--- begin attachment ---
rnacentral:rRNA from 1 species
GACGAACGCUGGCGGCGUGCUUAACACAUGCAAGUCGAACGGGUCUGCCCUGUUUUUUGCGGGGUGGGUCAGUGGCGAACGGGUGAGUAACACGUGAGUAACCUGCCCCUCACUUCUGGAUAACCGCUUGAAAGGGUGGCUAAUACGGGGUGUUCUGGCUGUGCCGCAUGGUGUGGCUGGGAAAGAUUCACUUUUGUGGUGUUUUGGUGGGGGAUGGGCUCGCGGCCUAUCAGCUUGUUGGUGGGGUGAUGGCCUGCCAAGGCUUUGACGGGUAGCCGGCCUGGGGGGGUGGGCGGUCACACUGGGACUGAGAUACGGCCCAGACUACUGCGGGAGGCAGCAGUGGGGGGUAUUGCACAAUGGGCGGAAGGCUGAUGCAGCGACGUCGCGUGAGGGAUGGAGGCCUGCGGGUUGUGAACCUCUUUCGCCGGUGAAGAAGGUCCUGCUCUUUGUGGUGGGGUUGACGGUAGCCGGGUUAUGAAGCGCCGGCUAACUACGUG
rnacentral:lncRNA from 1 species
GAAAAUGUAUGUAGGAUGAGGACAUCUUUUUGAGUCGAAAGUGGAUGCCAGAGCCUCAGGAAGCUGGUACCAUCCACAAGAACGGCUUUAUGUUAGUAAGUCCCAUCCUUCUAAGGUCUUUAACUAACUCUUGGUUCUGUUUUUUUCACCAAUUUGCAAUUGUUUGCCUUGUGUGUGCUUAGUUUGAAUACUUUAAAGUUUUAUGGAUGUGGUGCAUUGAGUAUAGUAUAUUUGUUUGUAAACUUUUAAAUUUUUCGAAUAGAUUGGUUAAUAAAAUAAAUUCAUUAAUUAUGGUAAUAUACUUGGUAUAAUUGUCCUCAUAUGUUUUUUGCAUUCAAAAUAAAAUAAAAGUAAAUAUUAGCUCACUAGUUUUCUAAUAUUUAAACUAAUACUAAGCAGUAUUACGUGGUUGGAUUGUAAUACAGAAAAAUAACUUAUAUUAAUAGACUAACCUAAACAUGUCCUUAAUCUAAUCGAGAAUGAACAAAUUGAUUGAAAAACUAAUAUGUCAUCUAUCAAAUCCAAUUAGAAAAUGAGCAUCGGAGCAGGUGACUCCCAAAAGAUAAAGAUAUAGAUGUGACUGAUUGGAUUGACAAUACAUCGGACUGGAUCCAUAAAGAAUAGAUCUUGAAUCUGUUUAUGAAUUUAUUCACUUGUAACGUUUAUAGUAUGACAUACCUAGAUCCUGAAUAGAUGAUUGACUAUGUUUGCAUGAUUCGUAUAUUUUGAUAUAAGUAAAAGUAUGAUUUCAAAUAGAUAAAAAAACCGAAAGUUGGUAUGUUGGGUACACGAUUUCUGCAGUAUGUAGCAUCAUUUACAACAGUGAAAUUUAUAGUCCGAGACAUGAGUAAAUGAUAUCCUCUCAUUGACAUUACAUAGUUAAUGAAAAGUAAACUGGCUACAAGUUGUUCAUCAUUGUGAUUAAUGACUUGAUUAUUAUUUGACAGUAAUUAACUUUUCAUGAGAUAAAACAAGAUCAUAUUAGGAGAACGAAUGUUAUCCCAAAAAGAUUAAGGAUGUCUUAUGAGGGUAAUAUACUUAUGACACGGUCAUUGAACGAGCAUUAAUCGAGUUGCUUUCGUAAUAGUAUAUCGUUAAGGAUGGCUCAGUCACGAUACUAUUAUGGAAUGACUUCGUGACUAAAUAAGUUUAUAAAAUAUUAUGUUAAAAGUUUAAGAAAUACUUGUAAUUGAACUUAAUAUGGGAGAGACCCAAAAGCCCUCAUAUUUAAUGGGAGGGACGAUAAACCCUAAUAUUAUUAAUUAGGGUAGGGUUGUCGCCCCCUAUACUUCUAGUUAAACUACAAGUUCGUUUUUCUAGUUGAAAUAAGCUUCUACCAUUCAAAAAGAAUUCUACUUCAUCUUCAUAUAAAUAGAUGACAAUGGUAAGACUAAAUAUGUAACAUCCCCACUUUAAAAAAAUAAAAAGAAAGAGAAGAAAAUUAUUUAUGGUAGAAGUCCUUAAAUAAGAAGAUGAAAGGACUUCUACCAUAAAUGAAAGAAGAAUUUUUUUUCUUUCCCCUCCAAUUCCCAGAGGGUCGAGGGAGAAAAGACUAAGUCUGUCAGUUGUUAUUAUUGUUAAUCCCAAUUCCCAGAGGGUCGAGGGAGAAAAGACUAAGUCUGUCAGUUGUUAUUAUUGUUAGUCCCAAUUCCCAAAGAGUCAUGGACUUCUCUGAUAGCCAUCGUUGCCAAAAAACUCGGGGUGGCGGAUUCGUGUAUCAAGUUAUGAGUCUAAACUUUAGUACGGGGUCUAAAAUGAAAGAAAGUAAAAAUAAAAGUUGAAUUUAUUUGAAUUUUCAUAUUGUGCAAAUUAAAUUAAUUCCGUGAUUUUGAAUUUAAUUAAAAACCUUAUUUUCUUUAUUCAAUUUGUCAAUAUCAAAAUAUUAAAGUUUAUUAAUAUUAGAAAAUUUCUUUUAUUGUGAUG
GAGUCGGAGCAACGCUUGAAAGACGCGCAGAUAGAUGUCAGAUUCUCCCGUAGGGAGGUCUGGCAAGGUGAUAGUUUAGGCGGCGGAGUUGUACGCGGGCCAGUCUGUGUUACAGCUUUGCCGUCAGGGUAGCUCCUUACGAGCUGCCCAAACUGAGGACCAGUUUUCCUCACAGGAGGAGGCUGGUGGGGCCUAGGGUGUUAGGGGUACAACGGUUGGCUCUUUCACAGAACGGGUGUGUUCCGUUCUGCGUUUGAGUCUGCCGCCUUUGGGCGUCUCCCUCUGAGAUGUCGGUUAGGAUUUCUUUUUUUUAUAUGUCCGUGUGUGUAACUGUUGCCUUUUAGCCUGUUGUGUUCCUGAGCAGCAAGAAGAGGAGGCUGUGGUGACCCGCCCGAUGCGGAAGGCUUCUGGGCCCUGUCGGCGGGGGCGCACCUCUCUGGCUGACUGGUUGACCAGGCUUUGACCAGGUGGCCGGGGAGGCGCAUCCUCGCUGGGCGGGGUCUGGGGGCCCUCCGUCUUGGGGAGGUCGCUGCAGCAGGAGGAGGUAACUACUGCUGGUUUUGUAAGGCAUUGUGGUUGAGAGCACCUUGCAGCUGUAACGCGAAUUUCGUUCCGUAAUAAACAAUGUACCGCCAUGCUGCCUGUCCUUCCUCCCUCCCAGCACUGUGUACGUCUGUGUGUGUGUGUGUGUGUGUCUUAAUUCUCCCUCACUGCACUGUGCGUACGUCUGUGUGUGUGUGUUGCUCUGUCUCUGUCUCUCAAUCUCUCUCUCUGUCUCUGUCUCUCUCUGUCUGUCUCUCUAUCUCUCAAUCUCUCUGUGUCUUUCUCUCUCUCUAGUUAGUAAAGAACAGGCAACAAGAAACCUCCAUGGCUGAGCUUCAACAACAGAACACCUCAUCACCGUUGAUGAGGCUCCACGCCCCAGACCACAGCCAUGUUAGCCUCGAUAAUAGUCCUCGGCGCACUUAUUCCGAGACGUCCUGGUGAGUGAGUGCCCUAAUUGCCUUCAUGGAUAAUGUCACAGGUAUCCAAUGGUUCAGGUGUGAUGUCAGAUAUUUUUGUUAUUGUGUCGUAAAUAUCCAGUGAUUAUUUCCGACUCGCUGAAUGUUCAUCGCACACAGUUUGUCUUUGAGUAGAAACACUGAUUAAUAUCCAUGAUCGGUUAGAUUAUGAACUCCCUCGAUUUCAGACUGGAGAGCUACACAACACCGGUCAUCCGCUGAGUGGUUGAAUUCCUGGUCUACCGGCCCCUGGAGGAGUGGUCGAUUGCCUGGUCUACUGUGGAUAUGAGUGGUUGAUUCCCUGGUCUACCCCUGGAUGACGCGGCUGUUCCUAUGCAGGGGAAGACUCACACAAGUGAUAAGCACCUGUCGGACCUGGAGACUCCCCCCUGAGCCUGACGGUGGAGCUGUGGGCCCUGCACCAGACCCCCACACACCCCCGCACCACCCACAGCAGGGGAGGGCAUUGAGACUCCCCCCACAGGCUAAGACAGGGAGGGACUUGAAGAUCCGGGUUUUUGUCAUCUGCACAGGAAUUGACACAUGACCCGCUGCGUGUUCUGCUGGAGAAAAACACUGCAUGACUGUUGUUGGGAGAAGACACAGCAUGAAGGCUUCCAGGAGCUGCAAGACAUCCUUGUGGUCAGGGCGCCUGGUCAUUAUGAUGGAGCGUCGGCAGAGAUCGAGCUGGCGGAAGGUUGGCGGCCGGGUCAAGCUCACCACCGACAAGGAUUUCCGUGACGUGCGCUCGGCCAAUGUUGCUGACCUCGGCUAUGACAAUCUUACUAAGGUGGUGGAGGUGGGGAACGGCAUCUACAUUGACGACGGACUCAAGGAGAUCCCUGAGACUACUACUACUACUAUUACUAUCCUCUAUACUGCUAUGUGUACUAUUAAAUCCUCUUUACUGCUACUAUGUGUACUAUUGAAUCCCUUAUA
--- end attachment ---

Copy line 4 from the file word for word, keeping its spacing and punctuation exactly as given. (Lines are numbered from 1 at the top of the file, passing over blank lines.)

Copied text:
GAAAAUGUAUGUAGGAUGAGGACAUCUUUUUGAGUCGAAAGUGGAUGCCAGAGCCUCAGGAAGCUGGUACCAUCCACAAGAACGGCUUUAUGUUAGUAAGUCCCAUCCUUCUAAGGUCUUUAACUAACUCUUGGUUCUGUUUUUUUCACCAAUUUGCAAUUGUUUGCCUUGUGUGUGCUUAGUUUGAAUACUUUAAAGUUUUAUGGAUGUGGUGCAUUGAGUAUAGUAUAUUUGUUUGUAAACUUUUAAAUUUUUCGAAUAGAUUGGUUAAUAAAAUAAAUUCAUUAAUUAUGGUAAUAUACUUGGUAUAAUUGUCCUCAUAUGUUUUUUGCAUUCAAAAUAAAAUAAAAGUAAAUAUUAGCUCACUAGUUUUCUAAUAUUUAAACUAAUACUAAGCAGUAUUACGUGGUUGGAUUGUAAUACAGAAAAAUAACUUAUAUUAAUAGACUAACCUAAACAUGUCCUUAAUCUAAUCGAGAAUGAACAAAUUGAUUGAAAAACUAAUAUGUCAUCUAUCAAAUCCAAUUAGAAAAUGAGCAUCGGAGCAGGUGACUCCCAAAAGAUAAAGAUAUAGAUGUGACUGAUUGGAUUGACAAUACAUCGGACUGGAUCCAUAAAGAAUAGAUCUUGAAUCUGUUUAUGAAUUUAUUCACUUGUAACGUUUAUAGUAUGACAUACCUAGAUCCUGAAUAGAUGAUUGACUAUGUUUGCAUGAUUCGUAUAUUUUGAUAUAAGUAAAAGUAUGAUUUCAAAUAGAUAAAAAAACCGAAAGUUGGUAUGUUGGGUACACGAUUUCUGCAGUAUGUAGCAUCAUUUACAACAGUGAAAUUUAUAGUCCGAGACAUGAGUAAAUGAUAUCCUCUCAUUGACAUUACAUAGUUAAUGAAAAGUAAACUGGCUACAAGUUGUUCAUCAUUGUGAUUAAUGACUUGAUUAUUAUUUGACAGUAAUUAACUUUUCAUGAGAUAAAACAAGAUCAUAUUAGGAGAACGAAUGUUAUCCCAAAAAGAUUAAGGAUGUCUUAUGAGGGUAAUAUACUUAUGACACGGUCAUUGAACGAGCAUUAAUCGAGUUGCUUUCGUAAUAGUAUAUCGUUAAGGAUGGCUCAGUCACGAUACUAUUAUGGAAUGACUUCGUGACUAAAUAAGUUUAUAAAAUAUUAUGUUAAAAGUUUAAGAAAUACUUGUAAUUGAACUUAAUAUGGGAGAGACCCAAAAGCCCUCAUAUUUAAUGGGAGGGACGAUAAACCCUAAUAUUAUUAAUUAGGGUAGGGUUGUCGCCCCCUAUACUUCUAGUUAAACUACAAGUUCGUUUUUCUAGUUGAAAUAAGCUUCUACCAUUCAAAAAGAAUUCUACUUCAUCUUCAUAUAAAUAGAUGACAAUGGUAAGACUAAAUAUGUAACAUCCCCACUUUAAAAAAAUAAAAAGAAAGAGAAGAAAAUUAUUUAUGGUAGAAGUCCUUAAAUAAGAAGAUGAAAGGACUUCUACCAUAAAUGAAAGAAGAAUUUUUUUUCUUUCCCCUCCAAUUCCCAGAGGGUCGAGGGAGAAAAGACUAAGUCUGUCAGUUGUUAUUAUUGUUAAUCCCAAUUCCCAGAGGGUCGAGGGAGAAAAGACUAAGUCUGUCAGUUGUUAUUAUUGUUAGUCCCAAUUCCCAAAGAGUCAUGGACUUCUCUGAUAGCCAUCGUUGCCAAAAAACUCGGGGUGGCGGAUUCGUGUAUCAAGUUAUGAGUCUAAACUUUAGUACGGGGUCUAAAAUGAAAGAAAGUAAAAAUAAAAGUUGAAUUUAUUUGAAUUUUCAUAUUGUGCAAAUUAAAUUAAUUCCGUGAUUUUGAAUUUAAUUAAAAACCUUAUUUUCUUUAUUCAAUUUGUCAAUAUCAAAAUAUUAAAGUUUAUUAAUAUUAGAAAAUUUCUUUUAUUGUGAUG